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Christian Science Monitor
Oct 13, 1999
Putting the 'H' back in HMO
Opinion Editorial by Jamie CourtCalifornia pioneered health maintenance organization medicine, and now it is pioneering its reform. Earlier this month, Gov. Gray Davis signed a new law allowing patients who are seriously harmed to collect punitive damages from HMOs that deny them necessary treatment.
The House-Senate conference committee meeting soon to reconcile HMO reforms passed by both houses should heed this lesson from the state where more than 90 percent of those insured are covered under some form of managed care, and where a populist uprising powered the most ambitious statehouse overhaul of HMOs yet.
While every politician on Capitol Hill claims to be an HMO reformer, the litmus test of real reform has become the patient's right to sue an HMO without limits on damages.
This was a vital part of the patients' victory in California, where the law protects the right to recover unlimited punitive and compensatory damages. Patients and their doctors need this full legal leverage when requesting necessary treatment from billion-dollar companies that have very little else to fear. HMO behavior will not change without the specter of such unlimited financial pain for wrongdoing. Patients across the nation deserve such a big stick when dealing with HMOs, even if they never have to use it.
In fact, a Texas HMO liability law in effect since September 1997 has resulted in only six lawsuits despite the availability of punitive damages in that state. It has not increased health-care costs either, as annual premium increases in Texas have been below the national average.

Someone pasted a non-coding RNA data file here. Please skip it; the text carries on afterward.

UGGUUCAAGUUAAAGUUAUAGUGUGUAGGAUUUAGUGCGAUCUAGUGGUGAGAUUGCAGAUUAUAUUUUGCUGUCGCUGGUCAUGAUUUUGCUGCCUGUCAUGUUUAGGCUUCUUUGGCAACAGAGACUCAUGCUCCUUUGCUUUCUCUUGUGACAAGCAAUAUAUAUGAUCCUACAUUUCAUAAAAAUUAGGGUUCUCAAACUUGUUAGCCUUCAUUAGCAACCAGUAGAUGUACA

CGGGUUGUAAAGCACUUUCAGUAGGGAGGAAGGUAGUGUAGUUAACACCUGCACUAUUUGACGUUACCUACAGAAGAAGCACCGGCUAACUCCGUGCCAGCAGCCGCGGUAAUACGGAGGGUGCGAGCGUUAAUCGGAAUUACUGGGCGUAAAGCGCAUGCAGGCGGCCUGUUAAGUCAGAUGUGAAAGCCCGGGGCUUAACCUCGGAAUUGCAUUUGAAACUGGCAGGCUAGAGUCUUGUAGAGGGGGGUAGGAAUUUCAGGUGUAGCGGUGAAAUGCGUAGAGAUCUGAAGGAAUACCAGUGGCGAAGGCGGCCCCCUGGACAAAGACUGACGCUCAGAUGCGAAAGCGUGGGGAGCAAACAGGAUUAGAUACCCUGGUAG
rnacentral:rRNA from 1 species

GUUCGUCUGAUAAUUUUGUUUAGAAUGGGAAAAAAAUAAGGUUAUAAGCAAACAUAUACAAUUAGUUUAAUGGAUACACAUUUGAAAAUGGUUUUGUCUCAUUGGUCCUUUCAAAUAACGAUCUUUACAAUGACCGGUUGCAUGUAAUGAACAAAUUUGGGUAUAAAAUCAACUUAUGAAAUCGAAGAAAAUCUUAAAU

Texas doctors report, however, that they are receiving more deference from HMOs when requesting medically necessary treatment for their patients, according to the Texas Medical Association. This keeps health costs low. Patients are receiving the care they need in a more timely way so the system does not have to bear the higher treatment costs for patients whose conditions have deteriorated because they did not receive preventive care.
"We determined that managed-care companies should not be treated any differently than other profit-making business enterprises that are subject to liability under traditional tort laws," said the Texas law's author, State Sen. David Sibley. "Because HMOs and managed care companies often apply a financial filter to determine treatment denials, their liability must not be artificially limited by a compensation cap. Such restricted responsibility would mitigate against approval of the most expensive treatment, such as cancer care."
Today 125 million Americans who receive health coverage through private-sector employers can recover no damages when harmed by an HMO's denial, only the cost of the benefit denied. HMOs have no incentive to provide expensive treatment deemed medically necessary because they are liable only for what they should have provided in the first place.
Congress should follow the lead of California and Texas. The penalty for when an HMO denies treatment considered medically necessary to its clients should not be limited by a congressional price tag.
*Jamie Court is advocacy director of the Foundation for Taxpayer and Consumer Rights and co-author of 'Making a Killing: HMOs and the Threat to Your Health' (Common Courage Press).
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